Single-Point Rubrics = My New Obsession

Making a great rubric is hard, which is why I know many educators opt to find something pre-made they can change a bit to suit their needs or just try and use what they find as is. Rubrics require good backwards design skills and demand a teacher plans with intent, keeping the learner and focus of the learning in mind throughout the process. This means good rubric making, even if ripped from the internet, takes time, which can become disheartening the moment a teacher realizes the rubric falls short of his or her needs. Yet, a rubric can and should be a powerful feedback tool for student and teacher alike. The question, sometimes, is the juice worth the squeeze? How much time and energy can a teacher put into making (or finding) a great rubric? Recently, while on a mission to help my district’s career and technical education teachers with their rubric making, I came across the concept of the single-point rubric via Cult of Pedagogy contributor Jennifer Gonzalez while adventuring on Twitter. Truly, you can go to the link above and get all the information you need on what the rubric is and how you use it, so I will encourage you to visit Jennifer’s post directly.

I simply want to expand on its potential and specifically why this approach to making and using rubrics is powerful in our current standards-driven world of education.

Example of a Single-Point Rubric from Jennifer Gonzalez’s post in Cult of Pedagogy

The single-point rubric is particularly powerful for student goal-setting and self-reflection. As Jarene Fluckiger explains, “The single point rubric is an ethical tool to assist students with their responsibilities of goal setting and self-assessment of their own education.” The beauty lies in its simplicity and focus. Whereas holistic and analytical rubrics can be sprawling, jargon-filled, and light in feedback, the single-point rubric brings a student’s attention directly to what is classified as a proficient demonstration of knowledge or skill with room to provide feedback on where there is excellence and areas of growth. In essence this is easy to read and understand by both student and teacher, and more importantly it is a rubric a student can actually help create and self-monitor with.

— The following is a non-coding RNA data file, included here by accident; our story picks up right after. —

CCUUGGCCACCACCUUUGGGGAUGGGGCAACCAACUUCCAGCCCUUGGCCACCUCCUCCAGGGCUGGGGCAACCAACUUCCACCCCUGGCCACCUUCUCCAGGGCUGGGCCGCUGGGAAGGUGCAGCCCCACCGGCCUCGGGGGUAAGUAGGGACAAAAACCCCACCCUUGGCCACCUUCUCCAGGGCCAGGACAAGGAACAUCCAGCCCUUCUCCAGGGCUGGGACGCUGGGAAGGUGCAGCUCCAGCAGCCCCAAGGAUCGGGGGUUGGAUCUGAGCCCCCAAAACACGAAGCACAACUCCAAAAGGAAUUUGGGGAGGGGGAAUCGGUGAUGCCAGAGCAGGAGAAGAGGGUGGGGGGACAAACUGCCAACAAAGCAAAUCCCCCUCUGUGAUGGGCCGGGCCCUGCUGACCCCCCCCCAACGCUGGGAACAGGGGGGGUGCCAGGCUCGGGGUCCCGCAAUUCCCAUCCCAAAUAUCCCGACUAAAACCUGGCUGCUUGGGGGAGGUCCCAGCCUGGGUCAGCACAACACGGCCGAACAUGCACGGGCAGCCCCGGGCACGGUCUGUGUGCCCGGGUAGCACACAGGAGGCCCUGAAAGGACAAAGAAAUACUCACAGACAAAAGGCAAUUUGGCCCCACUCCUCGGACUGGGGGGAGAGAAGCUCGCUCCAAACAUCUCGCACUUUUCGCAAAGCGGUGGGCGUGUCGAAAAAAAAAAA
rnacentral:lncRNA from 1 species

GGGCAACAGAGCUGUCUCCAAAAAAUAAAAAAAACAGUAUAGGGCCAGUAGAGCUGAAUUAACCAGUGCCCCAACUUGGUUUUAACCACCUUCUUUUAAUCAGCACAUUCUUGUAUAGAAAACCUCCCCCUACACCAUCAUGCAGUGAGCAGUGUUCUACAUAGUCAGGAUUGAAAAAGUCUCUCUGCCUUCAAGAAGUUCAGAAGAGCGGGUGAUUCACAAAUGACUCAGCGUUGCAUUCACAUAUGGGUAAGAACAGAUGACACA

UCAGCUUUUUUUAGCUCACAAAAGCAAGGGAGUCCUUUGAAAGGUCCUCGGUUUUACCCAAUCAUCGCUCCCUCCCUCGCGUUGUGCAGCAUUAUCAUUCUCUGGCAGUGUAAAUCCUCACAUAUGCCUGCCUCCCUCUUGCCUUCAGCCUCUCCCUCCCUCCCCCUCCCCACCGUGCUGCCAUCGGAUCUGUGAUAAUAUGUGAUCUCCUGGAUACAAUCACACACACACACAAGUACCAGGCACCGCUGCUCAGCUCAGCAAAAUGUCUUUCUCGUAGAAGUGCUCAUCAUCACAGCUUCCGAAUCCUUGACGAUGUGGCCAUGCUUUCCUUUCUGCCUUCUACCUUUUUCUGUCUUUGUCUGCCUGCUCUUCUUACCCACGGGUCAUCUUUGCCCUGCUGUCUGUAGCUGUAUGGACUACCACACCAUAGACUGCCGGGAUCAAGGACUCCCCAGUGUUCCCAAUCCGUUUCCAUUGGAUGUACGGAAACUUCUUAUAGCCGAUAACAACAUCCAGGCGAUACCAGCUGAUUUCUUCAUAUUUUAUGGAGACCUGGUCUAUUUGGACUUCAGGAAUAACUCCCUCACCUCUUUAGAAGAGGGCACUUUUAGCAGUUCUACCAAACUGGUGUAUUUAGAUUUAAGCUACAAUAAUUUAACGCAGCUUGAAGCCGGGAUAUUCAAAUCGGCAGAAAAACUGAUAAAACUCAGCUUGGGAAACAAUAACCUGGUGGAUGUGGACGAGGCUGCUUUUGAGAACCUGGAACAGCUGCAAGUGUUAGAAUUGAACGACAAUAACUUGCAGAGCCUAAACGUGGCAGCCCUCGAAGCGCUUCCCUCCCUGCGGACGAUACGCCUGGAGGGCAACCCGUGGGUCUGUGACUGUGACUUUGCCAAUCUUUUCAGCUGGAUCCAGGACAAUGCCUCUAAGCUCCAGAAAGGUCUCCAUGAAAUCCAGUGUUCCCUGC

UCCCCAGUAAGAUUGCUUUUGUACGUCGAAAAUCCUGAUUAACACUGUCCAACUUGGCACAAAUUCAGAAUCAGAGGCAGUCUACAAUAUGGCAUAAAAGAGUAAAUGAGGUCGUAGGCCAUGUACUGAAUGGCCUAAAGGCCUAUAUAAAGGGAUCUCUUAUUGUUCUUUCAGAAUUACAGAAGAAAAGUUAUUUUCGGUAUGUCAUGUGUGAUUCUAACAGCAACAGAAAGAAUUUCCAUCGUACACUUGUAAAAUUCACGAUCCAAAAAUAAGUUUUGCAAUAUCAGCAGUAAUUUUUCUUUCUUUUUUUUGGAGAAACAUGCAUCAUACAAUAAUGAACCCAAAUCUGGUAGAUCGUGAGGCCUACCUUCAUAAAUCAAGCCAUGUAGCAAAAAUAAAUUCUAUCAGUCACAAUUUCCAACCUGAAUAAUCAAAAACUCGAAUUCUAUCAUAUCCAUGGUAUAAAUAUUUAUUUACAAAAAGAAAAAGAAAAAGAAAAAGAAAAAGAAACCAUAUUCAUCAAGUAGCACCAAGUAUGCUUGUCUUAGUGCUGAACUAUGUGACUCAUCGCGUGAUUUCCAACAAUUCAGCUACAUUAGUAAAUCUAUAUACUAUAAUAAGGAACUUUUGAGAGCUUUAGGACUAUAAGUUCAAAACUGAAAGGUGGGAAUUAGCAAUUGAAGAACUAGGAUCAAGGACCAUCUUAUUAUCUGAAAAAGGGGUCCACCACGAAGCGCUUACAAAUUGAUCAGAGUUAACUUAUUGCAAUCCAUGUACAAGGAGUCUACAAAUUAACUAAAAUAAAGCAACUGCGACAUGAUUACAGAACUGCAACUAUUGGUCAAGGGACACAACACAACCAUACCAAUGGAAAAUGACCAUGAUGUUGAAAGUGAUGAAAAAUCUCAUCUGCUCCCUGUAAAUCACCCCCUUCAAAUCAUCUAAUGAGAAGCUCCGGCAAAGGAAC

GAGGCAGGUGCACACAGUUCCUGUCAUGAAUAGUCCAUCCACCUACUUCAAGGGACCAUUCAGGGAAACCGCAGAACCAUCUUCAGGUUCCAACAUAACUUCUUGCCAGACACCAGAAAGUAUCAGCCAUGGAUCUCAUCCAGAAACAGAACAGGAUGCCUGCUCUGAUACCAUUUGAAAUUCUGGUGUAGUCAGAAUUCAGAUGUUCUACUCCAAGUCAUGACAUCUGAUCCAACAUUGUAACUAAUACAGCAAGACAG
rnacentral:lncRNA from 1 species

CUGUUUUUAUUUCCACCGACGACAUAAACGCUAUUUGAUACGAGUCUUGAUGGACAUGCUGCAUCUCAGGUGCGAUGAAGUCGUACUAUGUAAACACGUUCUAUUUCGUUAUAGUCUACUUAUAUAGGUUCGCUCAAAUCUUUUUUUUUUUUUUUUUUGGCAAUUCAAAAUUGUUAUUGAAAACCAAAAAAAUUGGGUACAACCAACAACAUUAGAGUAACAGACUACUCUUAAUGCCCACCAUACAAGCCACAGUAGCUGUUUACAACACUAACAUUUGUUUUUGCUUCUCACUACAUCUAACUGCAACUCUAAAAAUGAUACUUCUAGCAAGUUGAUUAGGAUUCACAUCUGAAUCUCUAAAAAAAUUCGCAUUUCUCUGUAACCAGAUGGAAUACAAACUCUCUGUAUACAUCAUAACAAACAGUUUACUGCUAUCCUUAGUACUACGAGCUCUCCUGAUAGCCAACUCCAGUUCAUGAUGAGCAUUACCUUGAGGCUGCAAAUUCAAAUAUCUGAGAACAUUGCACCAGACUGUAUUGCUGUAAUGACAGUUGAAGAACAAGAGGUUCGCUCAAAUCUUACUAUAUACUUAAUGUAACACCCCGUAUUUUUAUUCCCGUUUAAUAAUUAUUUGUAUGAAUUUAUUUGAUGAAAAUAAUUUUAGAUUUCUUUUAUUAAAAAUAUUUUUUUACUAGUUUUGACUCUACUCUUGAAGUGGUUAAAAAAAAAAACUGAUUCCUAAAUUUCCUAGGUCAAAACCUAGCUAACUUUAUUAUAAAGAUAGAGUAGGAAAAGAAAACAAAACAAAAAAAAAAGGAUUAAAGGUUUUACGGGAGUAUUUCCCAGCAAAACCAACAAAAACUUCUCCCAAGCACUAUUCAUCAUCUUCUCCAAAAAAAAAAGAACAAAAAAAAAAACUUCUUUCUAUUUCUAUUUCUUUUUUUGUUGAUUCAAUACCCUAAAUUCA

Student goal setting is a powerful instructional practice that can feel elusive; I know it did for me at times. This style of rubric gives a practical and tangible means to have students set goals and track progress throughout any assignment in a class. For a teacher, it helps focus on the knowledge and skill needing to be assessed. While there is no limit to the number of criteria a teacher can include, the format of a single-point rubric tends to ask a teacher to be discerning about the criteria to be chosen.

The downside? Well, the rubric demands feedback and reflection, which certainly takes time to write and discuss. But really why even use a rubric if not to help aid and monitor the growth of knowledge and skills where feedback is imperative to achievement? Think of the power in students reflecting on their work using this style rubric paired with the regular feedback a teacher could provide leading up to a finished and revised products.

If I’ve piqued your interest and you want to dabble in using the single-point rubric, click on the link at the beginning for Jennifer’s post where she offers a few downloadable templates. This style of rubric is absolutely the one I will be introducing to the teachers I work with going forward. My hope is to write a follow up post with a genuine review of how the use of the single-point rubric has panned out in my teachers’ classrooms. If you decide to use it in your own classroom, share your story and tweet at me (@theprofjones) or comment on the blog!

Happy rubric making!

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